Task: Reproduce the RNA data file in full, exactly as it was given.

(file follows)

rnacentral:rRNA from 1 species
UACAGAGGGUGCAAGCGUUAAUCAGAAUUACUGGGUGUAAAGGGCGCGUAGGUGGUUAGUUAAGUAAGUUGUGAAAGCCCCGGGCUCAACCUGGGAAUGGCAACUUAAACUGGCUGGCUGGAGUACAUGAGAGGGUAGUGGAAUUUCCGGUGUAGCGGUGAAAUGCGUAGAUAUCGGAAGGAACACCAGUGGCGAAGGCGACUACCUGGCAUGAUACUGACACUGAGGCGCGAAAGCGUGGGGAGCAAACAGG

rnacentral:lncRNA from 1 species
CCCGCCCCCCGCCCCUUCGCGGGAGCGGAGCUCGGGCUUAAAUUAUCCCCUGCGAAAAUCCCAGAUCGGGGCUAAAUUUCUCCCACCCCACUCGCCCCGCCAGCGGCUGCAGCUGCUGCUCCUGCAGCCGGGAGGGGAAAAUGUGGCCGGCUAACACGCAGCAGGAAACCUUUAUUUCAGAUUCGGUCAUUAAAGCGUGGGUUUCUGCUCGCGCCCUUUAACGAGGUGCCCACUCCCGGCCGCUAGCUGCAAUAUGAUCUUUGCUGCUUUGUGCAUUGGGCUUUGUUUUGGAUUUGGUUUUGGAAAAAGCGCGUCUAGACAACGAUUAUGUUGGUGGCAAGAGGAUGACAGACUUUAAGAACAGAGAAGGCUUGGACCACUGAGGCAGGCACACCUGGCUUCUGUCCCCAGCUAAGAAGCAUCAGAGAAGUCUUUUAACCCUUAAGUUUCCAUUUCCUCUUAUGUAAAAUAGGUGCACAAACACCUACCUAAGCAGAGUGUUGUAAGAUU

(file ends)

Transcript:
rnacentral:rRNA from 1 species
UACAGAGGGUGCAAGCGUUAAUCAGAAUUACUGGGUGUAAAGGGCGCGUAGGUGGUUAGUUAAGUAAGUUGUGAAAGCCCCGGGCUCAACCUGGGAAUGGCAACUUAAACUGGCUGGCUGGAGUACAUGAGAGGGUAGUGGAAUUUCCGGUGUAGCGGUGAAAUGCGUAGAUAUCGGAAGGAACACCAGUGGCGAAGGCGACUACCUGGCAUGAUACUGACACUGAGGCGCGAAAGCGUGGGGAGCAAACAGG

rnacentral:lncRNA from 1 species
CCCGCCCCCCGCCCCUUCGCGGGAGCGGAGCUCGGGCUUAAAUUAUCCCCUGCGAAAAUCCCAGAUCGGGGCUAAAUUUCUCCCACCCCACUCGCCCCGCCAGCGGCUGCAGCUGCUGCUCCUGCAGCCGGGAGGGGAAAAUGUGGCCGGCUAACACGCAGCAGGAAACCUUUAUUUCAGAUUCGGUCAUUAAAGCGUGGGUUUCUGCUCGCGCCCUUUAACGAGGUGCCCACUCCCGGCCGCUAGCUGCAAUAUGAUCUUUGCUGCUUUGUGCAUUGGGCUUUGUUUUGGAUUUGGUUUUGGAAAAAGCGCGUCUAGACAACGAUUAUGUUGGUGGCAAGAGGAUGACAGACUUUAAGAACAGAGAAGGCUUGGACCACUGAGGCAGGCACACCUGGCUUCUGUCCCCAGCUAAGAAGCAUCAGAGAAGUCUUUUAACCCUUAAGUUUCCAUUUCCUCUUAUGUAAAAUAGGUGCACAAACACCUACCUAAGCAGAGUGUUGUAAGAUU